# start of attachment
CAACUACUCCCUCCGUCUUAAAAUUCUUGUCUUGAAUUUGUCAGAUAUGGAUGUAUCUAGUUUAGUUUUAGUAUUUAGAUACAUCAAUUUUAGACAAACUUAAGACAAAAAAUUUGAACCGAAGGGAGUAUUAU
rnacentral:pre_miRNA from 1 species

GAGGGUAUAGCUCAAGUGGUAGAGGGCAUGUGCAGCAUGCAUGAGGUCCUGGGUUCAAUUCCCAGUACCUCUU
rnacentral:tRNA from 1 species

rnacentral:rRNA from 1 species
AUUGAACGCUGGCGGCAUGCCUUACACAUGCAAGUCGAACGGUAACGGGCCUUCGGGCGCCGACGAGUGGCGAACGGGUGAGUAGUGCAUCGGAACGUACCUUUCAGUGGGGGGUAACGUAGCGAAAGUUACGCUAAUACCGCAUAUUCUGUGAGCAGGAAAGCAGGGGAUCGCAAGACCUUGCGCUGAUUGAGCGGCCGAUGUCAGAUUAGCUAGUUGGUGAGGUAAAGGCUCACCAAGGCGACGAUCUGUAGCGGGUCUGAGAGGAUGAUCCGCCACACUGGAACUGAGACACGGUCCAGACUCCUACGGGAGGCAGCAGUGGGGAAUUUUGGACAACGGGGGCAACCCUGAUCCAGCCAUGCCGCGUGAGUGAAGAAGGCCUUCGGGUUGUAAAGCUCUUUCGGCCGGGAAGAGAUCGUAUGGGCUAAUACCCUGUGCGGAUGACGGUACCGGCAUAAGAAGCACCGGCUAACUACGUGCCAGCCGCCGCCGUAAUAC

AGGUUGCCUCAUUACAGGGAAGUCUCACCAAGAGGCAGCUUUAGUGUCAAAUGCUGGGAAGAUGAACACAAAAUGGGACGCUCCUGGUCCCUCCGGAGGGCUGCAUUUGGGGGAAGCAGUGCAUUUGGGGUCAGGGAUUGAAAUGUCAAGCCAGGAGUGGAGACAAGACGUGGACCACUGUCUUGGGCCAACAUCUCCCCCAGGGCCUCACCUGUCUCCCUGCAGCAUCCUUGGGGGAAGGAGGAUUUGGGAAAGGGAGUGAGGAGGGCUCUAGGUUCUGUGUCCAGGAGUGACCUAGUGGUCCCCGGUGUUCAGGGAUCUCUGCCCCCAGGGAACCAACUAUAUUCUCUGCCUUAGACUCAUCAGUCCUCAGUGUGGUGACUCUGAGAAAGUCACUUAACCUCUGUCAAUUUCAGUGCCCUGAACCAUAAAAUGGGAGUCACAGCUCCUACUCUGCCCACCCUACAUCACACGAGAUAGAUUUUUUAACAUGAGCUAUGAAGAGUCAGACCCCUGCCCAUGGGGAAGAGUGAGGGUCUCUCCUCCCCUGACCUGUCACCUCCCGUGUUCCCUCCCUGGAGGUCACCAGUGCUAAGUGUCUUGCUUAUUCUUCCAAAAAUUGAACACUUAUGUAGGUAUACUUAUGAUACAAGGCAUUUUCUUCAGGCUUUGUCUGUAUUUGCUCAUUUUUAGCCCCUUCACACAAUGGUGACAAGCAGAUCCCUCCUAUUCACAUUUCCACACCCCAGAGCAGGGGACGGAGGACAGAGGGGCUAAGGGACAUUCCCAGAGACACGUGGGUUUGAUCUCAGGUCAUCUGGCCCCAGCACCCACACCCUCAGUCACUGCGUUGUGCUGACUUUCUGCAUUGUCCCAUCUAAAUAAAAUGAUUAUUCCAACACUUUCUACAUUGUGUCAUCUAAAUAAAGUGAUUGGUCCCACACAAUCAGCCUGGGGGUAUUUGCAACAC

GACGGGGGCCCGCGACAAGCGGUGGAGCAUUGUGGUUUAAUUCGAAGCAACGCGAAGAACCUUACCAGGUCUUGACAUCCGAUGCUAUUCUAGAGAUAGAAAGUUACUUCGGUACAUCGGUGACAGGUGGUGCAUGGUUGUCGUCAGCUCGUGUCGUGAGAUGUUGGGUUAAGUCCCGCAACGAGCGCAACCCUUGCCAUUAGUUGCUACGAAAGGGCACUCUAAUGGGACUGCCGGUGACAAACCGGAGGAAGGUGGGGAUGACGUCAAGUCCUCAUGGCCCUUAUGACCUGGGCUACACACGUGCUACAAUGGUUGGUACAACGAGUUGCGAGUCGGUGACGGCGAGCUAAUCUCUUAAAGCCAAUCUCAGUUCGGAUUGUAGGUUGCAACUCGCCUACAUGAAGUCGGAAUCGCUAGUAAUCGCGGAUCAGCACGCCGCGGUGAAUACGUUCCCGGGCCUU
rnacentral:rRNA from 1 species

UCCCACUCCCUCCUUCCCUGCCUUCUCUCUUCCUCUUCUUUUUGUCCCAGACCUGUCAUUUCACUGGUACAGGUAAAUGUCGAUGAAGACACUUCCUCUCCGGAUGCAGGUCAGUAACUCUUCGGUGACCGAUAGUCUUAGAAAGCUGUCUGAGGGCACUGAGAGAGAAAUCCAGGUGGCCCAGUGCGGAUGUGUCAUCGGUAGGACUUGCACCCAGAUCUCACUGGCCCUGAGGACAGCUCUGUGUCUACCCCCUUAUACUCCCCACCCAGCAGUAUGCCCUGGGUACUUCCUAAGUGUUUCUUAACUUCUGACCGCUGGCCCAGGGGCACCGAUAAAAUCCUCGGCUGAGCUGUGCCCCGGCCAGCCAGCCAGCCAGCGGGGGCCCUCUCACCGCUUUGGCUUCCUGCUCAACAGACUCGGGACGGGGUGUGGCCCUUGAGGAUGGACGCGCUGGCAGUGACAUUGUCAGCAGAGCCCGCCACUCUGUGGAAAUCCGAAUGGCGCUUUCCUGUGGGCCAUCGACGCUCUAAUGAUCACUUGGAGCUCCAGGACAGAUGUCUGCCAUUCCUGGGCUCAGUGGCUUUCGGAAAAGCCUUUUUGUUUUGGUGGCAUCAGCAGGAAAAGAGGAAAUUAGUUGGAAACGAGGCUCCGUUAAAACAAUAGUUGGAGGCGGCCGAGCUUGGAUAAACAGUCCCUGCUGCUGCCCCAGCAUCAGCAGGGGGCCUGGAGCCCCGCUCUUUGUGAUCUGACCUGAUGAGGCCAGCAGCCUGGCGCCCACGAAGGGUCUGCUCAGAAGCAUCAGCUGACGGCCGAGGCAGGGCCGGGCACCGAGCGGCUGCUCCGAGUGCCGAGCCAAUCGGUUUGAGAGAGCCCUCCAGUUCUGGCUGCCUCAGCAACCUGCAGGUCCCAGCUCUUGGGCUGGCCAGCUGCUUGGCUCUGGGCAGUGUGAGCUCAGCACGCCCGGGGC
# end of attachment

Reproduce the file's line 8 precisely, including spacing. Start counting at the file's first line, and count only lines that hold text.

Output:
GACGGGGGCCCGCGACAAGCGGUGGAGCAUUGUGGUUUAAUUCGAAGCAACGCGAAGAACCUUACCAGGUCUUGACAUCCGAUGCUAUUCUAGAGAUAGAAAGUUACUUCGGUACAUCGGUGACAGGUGGUGCAUGGUUGUCGUCAGCUCGUGUCGUGAGAUGUUGGGUUAAGUCCCGCAACGAGCGCAACCCUUGCCAUUAGUUGCUACGAAAGGGCACUCUAAUGGGACUGCCGGUGACAAACCGGAGGAAGGUGGGGAUGACGUCAAGUCCUCAUGGCCCUUAUGACCUGGGCUACACACGUGCUACAAUGGUUGGUACAACGAGUUGCGAGUCGGUGACGGCGAGCUAAUCUCUUAAAGCCAAUCUCAGUUCGGAUUGUAGGUUGCAACUCGCCUACAUGAAGUCGGAAUCGCUAGUAAUCGCGGAUCAGCACGCCGCGGUGAAUACGUUCCCGGGCCUU